It is therefore counterproductive to give the state a power that goes beyond guaranteeing internal and external security. Once peace is established, the only legitimate governmental task is to ensure that citizens do not force their will upon others; the state itself may only use force to enforce this principle.
In contrast to this, in a Free Private City everyone is the Sovereign of Themselves who, by voluntary agreement, conclude a genuine contract with a more or less ordinary service provider, the Civic Contract. Both parties have the same formal rights and are therefore legally on an equal footing. The relationship between authority and subject is replaced by the relationship between customer and service provider. Unlike conventional systems, where the citizen is obliged to pay tax without having a corresponding right to benefits, in a Free Private City service and consideration are directly related. Both contracting parties are entitled to fulfillment of the contract, i.e. the operator can demand payment of the fixed contribution from the Contract Citizen, but no additional fees. In turn, the Contract Citizen can sue the operator for compliance with his contractual obligations, for example by ensuring security and a functioning system of private law. Who is currently in charge of the operating company, or to whom it belongs, is irrelevant for the functioning of the model.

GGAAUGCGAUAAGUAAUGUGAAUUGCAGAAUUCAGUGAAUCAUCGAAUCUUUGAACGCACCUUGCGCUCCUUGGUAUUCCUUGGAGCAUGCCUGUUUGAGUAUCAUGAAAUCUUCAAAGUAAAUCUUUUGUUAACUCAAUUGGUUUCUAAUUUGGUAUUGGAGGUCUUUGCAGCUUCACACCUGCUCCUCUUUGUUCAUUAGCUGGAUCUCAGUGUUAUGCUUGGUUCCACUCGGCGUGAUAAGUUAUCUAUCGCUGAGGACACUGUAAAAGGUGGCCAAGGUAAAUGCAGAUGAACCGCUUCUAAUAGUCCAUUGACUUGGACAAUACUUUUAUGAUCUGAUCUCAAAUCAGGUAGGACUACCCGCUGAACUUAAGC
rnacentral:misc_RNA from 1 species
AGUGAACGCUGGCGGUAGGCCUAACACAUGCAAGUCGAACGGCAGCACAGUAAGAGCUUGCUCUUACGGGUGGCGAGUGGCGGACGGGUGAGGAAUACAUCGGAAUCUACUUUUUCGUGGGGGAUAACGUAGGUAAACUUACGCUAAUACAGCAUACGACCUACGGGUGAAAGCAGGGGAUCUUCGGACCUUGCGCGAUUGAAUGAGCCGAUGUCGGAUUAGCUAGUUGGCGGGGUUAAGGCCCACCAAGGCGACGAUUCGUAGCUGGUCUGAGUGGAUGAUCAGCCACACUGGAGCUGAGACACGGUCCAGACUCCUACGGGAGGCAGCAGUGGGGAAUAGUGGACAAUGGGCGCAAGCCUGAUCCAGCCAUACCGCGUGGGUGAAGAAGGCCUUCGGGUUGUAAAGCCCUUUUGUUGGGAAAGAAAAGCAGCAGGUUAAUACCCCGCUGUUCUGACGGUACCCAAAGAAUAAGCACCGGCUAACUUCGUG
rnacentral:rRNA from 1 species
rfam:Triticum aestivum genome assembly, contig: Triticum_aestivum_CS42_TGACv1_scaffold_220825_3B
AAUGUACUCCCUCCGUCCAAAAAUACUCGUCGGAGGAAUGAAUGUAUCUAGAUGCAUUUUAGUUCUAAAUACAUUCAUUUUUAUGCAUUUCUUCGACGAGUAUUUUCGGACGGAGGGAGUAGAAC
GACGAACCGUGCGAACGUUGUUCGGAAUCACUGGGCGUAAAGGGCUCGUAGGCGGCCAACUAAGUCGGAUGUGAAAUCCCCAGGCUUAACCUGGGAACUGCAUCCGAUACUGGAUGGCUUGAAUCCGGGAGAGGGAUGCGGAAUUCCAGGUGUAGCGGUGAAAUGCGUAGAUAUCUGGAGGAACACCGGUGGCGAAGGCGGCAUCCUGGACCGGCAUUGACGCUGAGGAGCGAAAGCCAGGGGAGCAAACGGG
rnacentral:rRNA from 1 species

A Free Private City is therefore not a utopia, but rather a business idea whose functional elements are already known (i.e. providing contracted services) and which need only be transferred to another sector, namely that of living together. Basically, as a service provider, the operator would only guarantee the framework within which the society could develop openly in the sense of a “spontaneous order” (F.A. von Hayek).
The function of competition
Competition is an extremely fruitful mechanism in human coexistence, because it serves simultaneously as a method of discovery, a quality filter and a means of disempowerment. Only by creating small units that try out new things can competition between systems be set in motion. After all, if citizens, that is to say customers, can easily migrate to the nearest supplier, then governments will also have to be careful what they do. The larger states are, the less this is the case.
While the mainstream assumes that ever larger entities such as the EU, and even a world government, are the inevitable course of events, the free market has long since decided otherwise. There are only about ten companies in the world with more than a million employees, and only one which has more than two million employees, namely Wal-Mart. Since this is an unplanned, natural outcome of competition, it seems that above a certain limit, economies of scale turn into disadvantages. Why should it be different for society, composed of local communities?
Free Private Cities will come. You can count on it. How can I be so sure? Because there is a demand, and it is growing by the day.
By Titus Gebel
Titus Gebel is a German entrepreneur with a PhD in international law and an extensive worldwide network. Amongst others, he founded Frankfurt-listed mining company Deutsche Rohstoff AG, retired as their CEO in 2015 and emigrated with his family to Monaco. With Free Private Cities, he wants to create an entirely new product in the “market of living together”. If successful, it will fast-track knowledge and progress for humanity. Titus has written the book “Free Private Cities – Making Governments Compete For You”, where he is stating the theoretical and practical groundwork. At the same time he is working with his partners to make the first Free Private City a reality.